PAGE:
Even as the United Nations Educational Scientific and Cultural Organisation (UNESCO) singles out the Sri Lanka RTI Act and the Commission for particular positive mention in a recent global assessment of the performance of RTI, the Colombo Telegraph (CT) learns that the Media Ministry, which is the nodal Ministry under the Act, has disbanded the RTI Unit handling the administration of the Act and supervising the performance of Information Officers and Designated Officers.
Inquiries made by CT to Ministry officials as to why this was the case met with a response that, ‘as four years have passed since the Act was operationalised, there was nothing left for the Ministry to do; let the Commission handle everything.’ Sources at the Ministry objecting to this move however confirmed to us, that this explanation was totally unacceptable and that the real reason was that a few corrupt officials wanted to ‘break the spine of RTI.’
The RTI Act does not mention any time limit for the nodal agency (Media Ministry) to cease its functioning. In other countries such as India, the Ministry of Public Administration is the nodal agency and has been functioning for well over fourteen years since the Indian Act was enacted. Nodal agencies under RTI Acts world wide have a specific responsibility to ensure effective administration of the RTI Act in the public service. On the other hand, RTI Commissions sit as appeal hearing bodies and do not get involved in administration.
CT was told by divisional secretaries in the provinces that all trainings for them by the Ministry have ceased. They see this as a first step to crippling RTI and say that, interested parties are ‘waiting’ for terms of the RTI Commissioners to finish in October 2021, to put their ‘own persons’ into the Commission and complete that process. Though the 20th Amendment continued the constitutional provision on RTI, the appointments of all Commissions, including the RTI Commission, will be made by the President.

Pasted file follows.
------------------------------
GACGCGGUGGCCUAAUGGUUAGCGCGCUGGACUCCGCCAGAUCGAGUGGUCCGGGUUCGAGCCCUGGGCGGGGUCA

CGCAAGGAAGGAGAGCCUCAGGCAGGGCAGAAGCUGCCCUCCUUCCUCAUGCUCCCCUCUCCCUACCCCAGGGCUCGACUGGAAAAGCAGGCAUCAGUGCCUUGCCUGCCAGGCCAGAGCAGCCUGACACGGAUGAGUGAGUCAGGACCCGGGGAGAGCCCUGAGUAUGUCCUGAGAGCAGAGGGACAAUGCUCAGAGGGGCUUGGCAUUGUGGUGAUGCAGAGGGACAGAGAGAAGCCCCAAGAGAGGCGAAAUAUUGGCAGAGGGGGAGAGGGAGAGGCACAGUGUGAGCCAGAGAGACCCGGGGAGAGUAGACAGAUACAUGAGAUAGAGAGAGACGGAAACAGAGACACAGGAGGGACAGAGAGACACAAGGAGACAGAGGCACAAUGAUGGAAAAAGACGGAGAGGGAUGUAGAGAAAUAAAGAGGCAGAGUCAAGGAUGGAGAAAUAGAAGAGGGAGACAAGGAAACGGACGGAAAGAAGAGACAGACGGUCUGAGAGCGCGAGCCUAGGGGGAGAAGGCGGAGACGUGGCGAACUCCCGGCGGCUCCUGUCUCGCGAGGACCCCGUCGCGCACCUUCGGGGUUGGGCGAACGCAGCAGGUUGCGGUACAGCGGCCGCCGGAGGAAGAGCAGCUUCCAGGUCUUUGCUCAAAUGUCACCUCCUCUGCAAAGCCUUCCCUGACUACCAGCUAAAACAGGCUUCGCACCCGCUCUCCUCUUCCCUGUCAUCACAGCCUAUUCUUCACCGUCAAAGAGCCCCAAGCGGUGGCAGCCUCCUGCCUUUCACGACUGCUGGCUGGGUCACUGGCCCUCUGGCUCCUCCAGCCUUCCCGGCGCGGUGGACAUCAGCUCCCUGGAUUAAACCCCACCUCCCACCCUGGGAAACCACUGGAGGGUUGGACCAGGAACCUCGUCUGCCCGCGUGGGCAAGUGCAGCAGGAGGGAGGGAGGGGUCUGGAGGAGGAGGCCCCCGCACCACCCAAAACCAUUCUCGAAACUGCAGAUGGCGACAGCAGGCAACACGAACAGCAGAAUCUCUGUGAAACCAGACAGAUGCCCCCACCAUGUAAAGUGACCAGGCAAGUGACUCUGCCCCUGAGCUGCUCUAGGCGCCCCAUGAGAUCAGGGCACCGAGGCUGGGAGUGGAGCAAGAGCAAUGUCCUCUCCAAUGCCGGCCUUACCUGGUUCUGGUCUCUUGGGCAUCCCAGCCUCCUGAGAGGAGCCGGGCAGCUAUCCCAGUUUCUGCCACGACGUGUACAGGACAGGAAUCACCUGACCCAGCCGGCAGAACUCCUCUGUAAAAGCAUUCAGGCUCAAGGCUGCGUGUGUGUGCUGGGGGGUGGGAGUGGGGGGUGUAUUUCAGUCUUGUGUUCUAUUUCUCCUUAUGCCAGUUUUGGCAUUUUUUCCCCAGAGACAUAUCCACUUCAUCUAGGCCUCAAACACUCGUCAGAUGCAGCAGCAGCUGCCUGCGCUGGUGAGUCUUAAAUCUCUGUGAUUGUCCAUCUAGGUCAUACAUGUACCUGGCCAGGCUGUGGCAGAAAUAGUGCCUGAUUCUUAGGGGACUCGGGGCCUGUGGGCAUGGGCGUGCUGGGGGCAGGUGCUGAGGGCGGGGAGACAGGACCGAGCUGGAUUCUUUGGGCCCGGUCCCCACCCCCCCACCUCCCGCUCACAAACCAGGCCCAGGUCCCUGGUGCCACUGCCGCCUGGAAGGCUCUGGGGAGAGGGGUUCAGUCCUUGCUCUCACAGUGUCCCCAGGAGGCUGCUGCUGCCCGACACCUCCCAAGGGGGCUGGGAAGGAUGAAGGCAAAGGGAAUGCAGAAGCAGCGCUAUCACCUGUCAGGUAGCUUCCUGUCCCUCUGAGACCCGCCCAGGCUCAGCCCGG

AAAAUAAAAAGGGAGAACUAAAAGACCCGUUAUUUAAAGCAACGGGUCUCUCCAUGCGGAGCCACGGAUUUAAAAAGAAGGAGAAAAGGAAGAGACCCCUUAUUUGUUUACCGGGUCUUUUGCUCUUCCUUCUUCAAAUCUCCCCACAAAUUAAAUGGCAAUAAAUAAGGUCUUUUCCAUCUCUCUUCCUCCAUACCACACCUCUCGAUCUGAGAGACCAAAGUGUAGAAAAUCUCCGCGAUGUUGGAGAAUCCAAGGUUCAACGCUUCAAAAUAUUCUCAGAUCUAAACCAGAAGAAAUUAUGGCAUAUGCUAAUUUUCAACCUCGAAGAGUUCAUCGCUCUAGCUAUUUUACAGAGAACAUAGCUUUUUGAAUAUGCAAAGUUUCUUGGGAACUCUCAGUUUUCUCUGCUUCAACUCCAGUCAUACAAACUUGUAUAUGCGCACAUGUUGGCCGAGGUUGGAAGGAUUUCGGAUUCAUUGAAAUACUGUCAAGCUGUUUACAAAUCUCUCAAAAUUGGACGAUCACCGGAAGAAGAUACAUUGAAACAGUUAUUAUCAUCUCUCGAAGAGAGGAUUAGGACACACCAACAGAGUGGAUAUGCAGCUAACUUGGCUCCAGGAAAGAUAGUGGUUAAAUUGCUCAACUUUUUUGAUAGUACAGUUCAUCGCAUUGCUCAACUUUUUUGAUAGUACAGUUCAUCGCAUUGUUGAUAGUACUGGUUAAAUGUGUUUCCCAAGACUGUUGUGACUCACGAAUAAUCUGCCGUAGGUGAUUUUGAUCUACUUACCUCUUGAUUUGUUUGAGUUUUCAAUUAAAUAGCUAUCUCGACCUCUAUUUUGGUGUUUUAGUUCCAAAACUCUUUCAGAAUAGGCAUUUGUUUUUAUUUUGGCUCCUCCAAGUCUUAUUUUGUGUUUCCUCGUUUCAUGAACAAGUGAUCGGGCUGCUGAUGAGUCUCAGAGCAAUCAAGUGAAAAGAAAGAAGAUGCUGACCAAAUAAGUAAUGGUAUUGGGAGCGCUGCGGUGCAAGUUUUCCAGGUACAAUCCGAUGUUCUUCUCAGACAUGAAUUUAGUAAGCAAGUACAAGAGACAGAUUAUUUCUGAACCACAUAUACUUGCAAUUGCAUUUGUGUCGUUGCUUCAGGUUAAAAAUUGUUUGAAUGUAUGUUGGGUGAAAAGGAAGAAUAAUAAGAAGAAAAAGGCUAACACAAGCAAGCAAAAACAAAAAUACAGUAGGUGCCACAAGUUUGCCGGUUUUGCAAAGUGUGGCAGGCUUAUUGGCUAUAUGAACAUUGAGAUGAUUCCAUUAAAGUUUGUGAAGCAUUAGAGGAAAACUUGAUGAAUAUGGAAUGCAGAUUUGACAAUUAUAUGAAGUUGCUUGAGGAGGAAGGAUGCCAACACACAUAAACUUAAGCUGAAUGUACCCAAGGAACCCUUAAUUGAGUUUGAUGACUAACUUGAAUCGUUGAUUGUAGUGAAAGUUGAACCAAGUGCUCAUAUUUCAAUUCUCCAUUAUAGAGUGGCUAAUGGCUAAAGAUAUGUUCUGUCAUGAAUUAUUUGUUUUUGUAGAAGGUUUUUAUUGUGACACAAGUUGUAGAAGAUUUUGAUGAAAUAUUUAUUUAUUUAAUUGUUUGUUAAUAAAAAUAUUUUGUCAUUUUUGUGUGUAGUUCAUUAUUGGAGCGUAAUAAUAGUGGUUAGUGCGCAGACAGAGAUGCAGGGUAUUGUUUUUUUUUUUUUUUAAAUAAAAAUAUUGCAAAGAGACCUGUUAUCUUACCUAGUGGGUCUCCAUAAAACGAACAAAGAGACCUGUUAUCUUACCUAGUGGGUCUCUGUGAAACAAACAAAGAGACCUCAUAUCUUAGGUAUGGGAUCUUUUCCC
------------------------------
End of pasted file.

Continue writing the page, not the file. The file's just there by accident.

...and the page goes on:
Meanwhile, the RTI Commission has noted four years in practice of the RTI Act by conducting a series of consultations island-wide, commencing with the District Secretaries of Nuwara Eliya and Matara and also with the Universities of Kelaniya and Colombo on ‘Assessing Gains and Challenges on Four Years of Sri Lanka’s RTI.’
The Commission has observed that UNESCO has, in its 2020 Global Report to the General Assembly on the status of Right to Information regimes worldwide, titled ‘From Promise to Practice…’, accessible at https://ifap.ru/pr/2020/n201207b.pdf, pointed to 85% of the Commission’s Orders, during 2017-2019 releasing information in full or in part, along with detailed reasoned Orders. The report had been compiled by independent researcher and digital media analyst Ashwini Natesan with guidance and expert input from RTI Commissioner Kishali Pinto-Jayawardena.
In its Statement, the Commission has welcomed a move towards greater transparency in the public sector in response to its Orders, including the open publication of lists of Samurdhi beneficiaries and other welfare initiatives, release of policies, directives and circulars impacting on the general public and open disclosure of information on projects by municipalities and other state entities. It has however stated that notices of warning of prosecutions have already been sent under the seal of the Commission to state officers intentionally flouting the RTI Act.